Wednesday, April 08, 2009

Somali Pirates Seize US Flagged Merchant Ship

Somali Muslim pirates seized a US flagged cargo ship with 20-21 American crewmen aboard at about 12:30AM local time. The nearest US Navy ship was 300 nautical miles away. According to Reuters,
Andrew Mwangura, coordinator of the Mombasa-based East African Seafarers' Assistance Program, told Reuters the 17,000 ton Maersk Alabama had been seized off Mogadishu far out in the Indian Ocean, but all its crew were believed to be unharmed.

Denmark's A.P. Moller-Maersk confirmed that the U.S.-flagged Maersk Alabama had been attacked by pirates about 500 km (300 miles) off Somalia and had probably been hijacked. The company said it had 20 American crew on board.

A spokesman for the U.N.'s World Food Program (WFP) in Nairobi told Reuters that among the vessel's cargo were 232 containers of WFP relief food destined for Somalia and Uganda.
The AP had this earlier report

KATHARINE HOURELD

NAIROBI, Kenya (AP) - Somali pirates on Wednesday hijacked a U.S.-flagged cargo ship with 21 crew members aboard, a diplomat and a U.S. Navy spokesman said.

The Kenya-based diplomat identified the vessel as the 17,000-ton Maersk Alabama and said all the crew members are American. The diplomat spoke on condition of anonymity because he was not authorized to speak to the media.

The U.S. Navy confirmed that a U.S. flagged ship with 21 members of crew was hijacked early Wednesday off the eastern coast of Somalia.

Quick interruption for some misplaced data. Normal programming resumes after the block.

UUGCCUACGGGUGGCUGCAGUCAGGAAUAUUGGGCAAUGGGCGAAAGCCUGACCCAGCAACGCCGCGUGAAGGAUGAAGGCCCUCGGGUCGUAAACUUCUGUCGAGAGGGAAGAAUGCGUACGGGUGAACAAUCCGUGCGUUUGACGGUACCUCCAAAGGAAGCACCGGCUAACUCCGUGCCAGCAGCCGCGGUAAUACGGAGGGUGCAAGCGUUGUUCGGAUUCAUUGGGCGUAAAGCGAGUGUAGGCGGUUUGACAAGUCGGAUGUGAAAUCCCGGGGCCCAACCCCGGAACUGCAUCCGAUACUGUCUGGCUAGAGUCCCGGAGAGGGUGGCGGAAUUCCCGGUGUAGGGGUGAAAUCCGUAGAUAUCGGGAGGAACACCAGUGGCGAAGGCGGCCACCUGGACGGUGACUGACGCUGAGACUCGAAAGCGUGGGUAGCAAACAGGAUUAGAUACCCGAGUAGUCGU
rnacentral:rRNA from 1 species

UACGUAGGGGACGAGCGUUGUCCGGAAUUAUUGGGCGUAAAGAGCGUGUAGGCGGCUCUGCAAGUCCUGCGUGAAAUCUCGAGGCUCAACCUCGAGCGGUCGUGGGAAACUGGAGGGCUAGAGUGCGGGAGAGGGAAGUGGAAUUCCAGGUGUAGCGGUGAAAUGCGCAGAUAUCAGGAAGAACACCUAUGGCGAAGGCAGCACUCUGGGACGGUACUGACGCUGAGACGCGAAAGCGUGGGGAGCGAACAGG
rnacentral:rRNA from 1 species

Spokesman Lt. Nathan Christensen said the attacked happened in the early hours of the morning hours, about 280 miles (450 kilometers) northeast of Eyl, a town in the northern Puntland region of Somalia.

Christensen said there were U.S. citizens aboard the ship, but he did not say how many. He declined to release the name of the ship until the family members of the crew are notified.

He said the ship was operated by the Danish company Maersk, which deals with the U.S. Department of Defense. Christensen said the vessel was not working under a Pentagon contract when hijacked.

Maersk Kenya Managing Director Rolf Nielsen said the company was still verifying reports of the hijacking. An U.S. embassy spokeswoman was not immediately able to confirm the incident.

Andrew Mwangura of the East African Seafarers' Assistance Program said the ship was taken about 400 miles (640 kilometers) from the Somali capital, Mogadishu.

The vessel is the sixth to be seized within a week and the first with an all-American crew.
An NPR news item quoted an American official as saying there was no plan or discussion to rescue the crew or ship. Perhaps that's because it's still early in the event. However, America has been here before and Pres. Thomas Jefferson had a very successful plan. Pres. Gerald Ford used that plan to rescue the crew of the SS Mayaquez.

I suggest we use it. Following Jefferson and Ford would be far more useful than following the plans of Obama's presidential mentor, Jimmy Carter, and the grandiose Operation Eagle Claw that managed only to kill the American rescuers and do decades of damage to America's ability to act anywhere around the world. The only good result was the election of Ronald Reagan to the presidency.





The life of Indigo Red is full of adventure. Tune in next time for the Further Adventures of Indigo Red.

2 comments:

Stephen Wilson said...

The pirates must have one heckuva hideout for the loot.

No to Jolly Somali Pirates said...

This is priceless... I cant wait till they run into the wrong crew. Or even better try to attack a navy ship lol